Years before Blood Will Have Its Season there was to be a collection of some of my short works... Some of these tales and poetics saw the light of day in BLOOD, a couple in my new one in, SIN & ashes, and there are still a few that have yet to find a home [and several appeared in BLOOD w/ radical changes to the poetic lay out]... That collection was to be called Collisions In The Word Box and PUNKTOWNer [pal, and GREAT writer! !!], Jeffrey Thomas, penned the following as an intro... In a file that holds files of old files I found JT's "intro"...
THEN & NOW(!!!!!!!!!!!!!!!) THANKS, Jeffrey! [yer still one of the BESTest]!!
Sculpting Words: on Joseph S. Pulver, Sr.’s “Collisions In the Word Box”
What one will first notice upon paging through Joseph S. Pulver’s “Collision In the Word Box” is the unique, sometimes dizzying arrangement of text, the mutability of fonts, the obliteration of conventional paragraph structure. Because this is the landscape of nightmare, of madness, of violence that is being painted for us. This is the reader examining his own face, and soul, in a shattered mirror. This is viewing the fires of hell through a beautiful brass kaleidoscope.
In the opening piece, “PITCH nothing”, a column of the word “enchantment” literally seems to flow from left to right. “Echo” seems to ripple in sound waves, “stumble” to drop off the edge of a step. Pulver constructs rooms and staircases from the bare skeletons of type. His are sculptures of words, making as much use of the empty spaces around them as the words themselves. As Lovecraft’s evil forces dwelt not on the distant stars but in the spaces between them, so does Pulver fill with invisible foreboding the blank spaces between his words. As Pulver himself says: “White space made explicit by the attention of black.”
In “PITCH nothing”, (the first of these gorgeously-titled works – my favorite title being “I once possessed a fragile blue vase”), our protagonist becomes effectively lost in a disorienting limbo of exploded sentences and paragraphs with the floors dropped out of them. One would be hard pressed to find a better portrayal of altered reality, of a mind fragmented by insanity, than in this series of prose poems. In “Water lilies”, the words of the title spread gracefully, but the poetic loveliness of the piece mixes disturbingly with an ominous intimation of violence. In “The Master and Margeritha” (inspired by a Giger painting), Pulver builds a hellish cityscape out of barbed words. The character in this piece and others in the collection yearn for transcendence, transformation (these evolving states artfully conveyed by the unorthodox structure), and – unfortunately for them – they achieve it. In “The Songs Cassilda Shall Sing, Where Flap the Tatters of the King” (an edgy, Kathe Koja-like short story which captures the very essence of Goth), Pulver uses his word-art to manifest the raging anarchy of rock music. A song is described as being, “The death wail of 1000 vampires wasting in solar fire.” “The Delirium of a Worm-Wizard” deftly mixes lush mysticism with forbidding doom. “A Night of Blood and Moon, Then Holstenwall” (a retelling of “The Cabinet of Dr. Caligrari”) is a Ligotti-like phantasmagorical nightmare that could be refilmed by the Brothers Quay.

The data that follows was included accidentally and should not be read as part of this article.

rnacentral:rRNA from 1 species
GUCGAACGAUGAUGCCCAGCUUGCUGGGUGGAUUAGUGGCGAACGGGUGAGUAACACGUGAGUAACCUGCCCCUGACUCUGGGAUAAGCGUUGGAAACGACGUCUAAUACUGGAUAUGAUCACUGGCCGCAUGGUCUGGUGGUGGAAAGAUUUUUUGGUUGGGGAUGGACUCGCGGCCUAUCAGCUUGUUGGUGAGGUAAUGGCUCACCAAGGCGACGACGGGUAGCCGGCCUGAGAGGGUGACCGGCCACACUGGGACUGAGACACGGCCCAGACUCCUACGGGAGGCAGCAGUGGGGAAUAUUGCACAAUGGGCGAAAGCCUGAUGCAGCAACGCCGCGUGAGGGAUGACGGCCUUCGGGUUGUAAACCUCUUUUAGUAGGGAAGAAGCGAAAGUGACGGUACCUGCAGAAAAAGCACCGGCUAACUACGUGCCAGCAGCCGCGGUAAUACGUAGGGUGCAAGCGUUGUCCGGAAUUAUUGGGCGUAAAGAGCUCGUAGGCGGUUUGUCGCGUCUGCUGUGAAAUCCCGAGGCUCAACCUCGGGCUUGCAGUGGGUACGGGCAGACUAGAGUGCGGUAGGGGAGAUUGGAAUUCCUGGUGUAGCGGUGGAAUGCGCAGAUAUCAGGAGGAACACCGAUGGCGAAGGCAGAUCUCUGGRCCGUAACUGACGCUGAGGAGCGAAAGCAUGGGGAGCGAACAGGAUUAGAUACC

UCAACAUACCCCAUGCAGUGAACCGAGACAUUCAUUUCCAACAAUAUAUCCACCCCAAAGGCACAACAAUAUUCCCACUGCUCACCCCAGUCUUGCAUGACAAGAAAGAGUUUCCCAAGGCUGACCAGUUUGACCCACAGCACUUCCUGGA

“Collisions In the Word Box” abounds in the mysterious, as best epitomized in the line from “After my skirmishes with unhappiness”: “There are still secrets hidden on the undersides of the leaves.” Each piece seethes with a sinister madness like a straitjacketed ghost forgotten in a dark and cobwebbed cell. As Pulver himself so wonderfully puts it, “Perversion is hired as a governess for our dreams.” In this innovative, hypnotic collection, Joseph S. Pulver, Sr. has proven himself to be a perversely masterful sculptor of those dreams.